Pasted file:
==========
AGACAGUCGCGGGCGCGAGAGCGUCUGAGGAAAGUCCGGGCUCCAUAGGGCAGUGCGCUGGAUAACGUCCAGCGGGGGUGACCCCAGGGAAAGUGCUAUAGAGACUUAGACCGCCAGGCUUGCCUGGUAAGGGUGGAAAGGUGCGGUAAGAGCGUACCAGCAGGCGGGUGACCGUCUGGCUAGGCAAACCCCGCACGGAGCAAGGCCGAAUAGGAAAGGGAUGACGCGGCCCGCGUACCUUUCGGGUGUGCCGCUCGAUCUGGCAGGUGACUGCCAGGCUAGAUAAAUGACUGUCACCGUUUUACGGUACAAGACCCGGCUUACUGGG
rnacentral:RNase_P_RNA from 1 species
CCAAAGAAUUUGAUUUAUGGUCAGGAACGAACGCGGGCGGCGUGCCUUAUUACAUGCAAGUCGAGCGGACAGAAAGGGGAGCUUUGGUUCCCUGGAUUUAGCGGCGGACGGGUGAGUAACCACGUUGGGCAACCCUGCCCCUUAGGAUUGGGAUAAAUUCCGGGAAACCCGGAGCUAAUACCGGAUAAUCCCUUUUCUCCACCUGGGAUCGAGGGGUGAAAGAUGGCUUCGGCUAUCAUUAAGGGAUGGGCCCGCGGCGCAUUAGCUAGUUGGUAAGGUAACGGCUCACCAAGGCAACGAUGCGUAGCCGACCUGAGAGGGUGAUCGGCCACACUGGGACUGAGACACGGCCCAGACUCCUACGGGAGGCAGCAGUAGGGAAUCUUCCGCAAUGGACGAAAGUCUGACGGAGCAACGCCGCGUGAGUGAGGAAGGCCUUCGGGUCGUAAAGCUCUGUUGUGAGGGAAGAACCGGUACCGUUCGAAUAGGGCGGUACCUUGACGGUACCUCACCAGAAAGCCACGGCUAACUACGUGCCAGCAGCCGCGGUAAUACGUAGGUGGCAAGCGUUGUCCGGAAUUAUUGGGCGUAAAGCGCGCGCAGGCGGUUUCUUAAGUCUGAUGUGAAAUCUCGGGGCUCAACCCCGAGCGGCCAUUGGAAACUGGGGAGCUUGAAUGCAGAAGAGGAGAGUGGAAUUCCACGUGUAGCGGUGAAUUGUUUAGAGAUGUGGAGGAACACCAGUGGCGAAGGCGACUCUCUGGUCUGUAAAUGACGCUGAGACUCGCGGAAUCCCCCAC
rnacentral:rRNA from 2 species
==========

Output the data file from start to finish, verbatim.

AGACAGUCGCGGGCGCGAGAGCGUCUGAGGAAAGUCCGGGCUCCAUAGGGCAGUGCGCUGGAUAACGUCCAGCGGGGGUGACCCCAGGGAAAGUGCUAUAGAGACUUAGACCGCCAGGCUUGCCUGGUAAGGGUGGAAAGGUGCGGUAAGAGCGUACCAGCAGGCGGGUGACCGUCUGGCUAGGCAAACCCCGCACGGAGCAAGGCCGAAUAGGAAAGGGAUGACGCGGCCCGCGUACCUUUCGGGUGUGCCGCUCGAUCUGGCAGGUGACUGCCAGGCUAGAUAAAUGACUGUCACCGUUUUACGGUACAAGACCCGGCUUACUGGG
rnacentral:RNase_P_RNA from 1 species
CCAAAGAAUUUGAUUUAUGGUCAGGAACGAACGCGGGCGGCGUGCCUUAUUACAUGCAAGUCGAGCGGACAGAAAGGGGAGCUUUGGUUCCCUGGAUUUAGCGGCGGACGGGUGAGUAACCACGUUGGGCAACCCUGCCCCUUAGGAUUGGGAUAAAUUCCGGGAAACCCGGAGCUAAUACCGGAUAAUCCCUUUUCUCCACCUGGGAUCGAGGGGUGAAAGAUGGCUUCGGCUAUCAUUAAGGGAUGGGCCCGCGGCGCAUUAGCUAGUUGGUAAGGUAACGGCUCACCAAGGCAACGAUGCGUAGCCGACCUGAGAGGGUGAUCGGCCACACUGGGACUGAGACACGGCCCAGACUCCUACGGGAGGCAGCAGUAGGGAAUCUUCCGCAAUGGACGAAAGUCUGACGGAGCAACGCCGCGUGAGUGAGGAAGGCCUUCGGGUCGUAAAGCUCUGUUGUGAGGGAAGAACCGGUACCGUUCGAAUAGGGCGGUACCUUGACGGUACCUCACCAGAAAGCCACGGCUAACUACGUGCCAGCAGCCGCGGUAAUACGUAGGUGGCAAGCGUUGUCCGGAAUUAUUGGGCGUAAAGCGCGCGCAGGCGGUUUCUUAAGUCUGAUGUGAAAUCUCGGGGCUCAACCCCGAGCGGCCAUUGGAAACUGGGGAGCUUGAAUGCAGAAGAGGAGAGUGGAAUUCCACGUGUAGCGGUGAAUUGUUUAGAGAUGUGGAGGAACACCAGUGGCGAAGGCGACUCUCUGGUCUGUAAAUGACGCUGAGACUCGCGGAAUCCCCCAC
rnacentral:rRNA from 2 species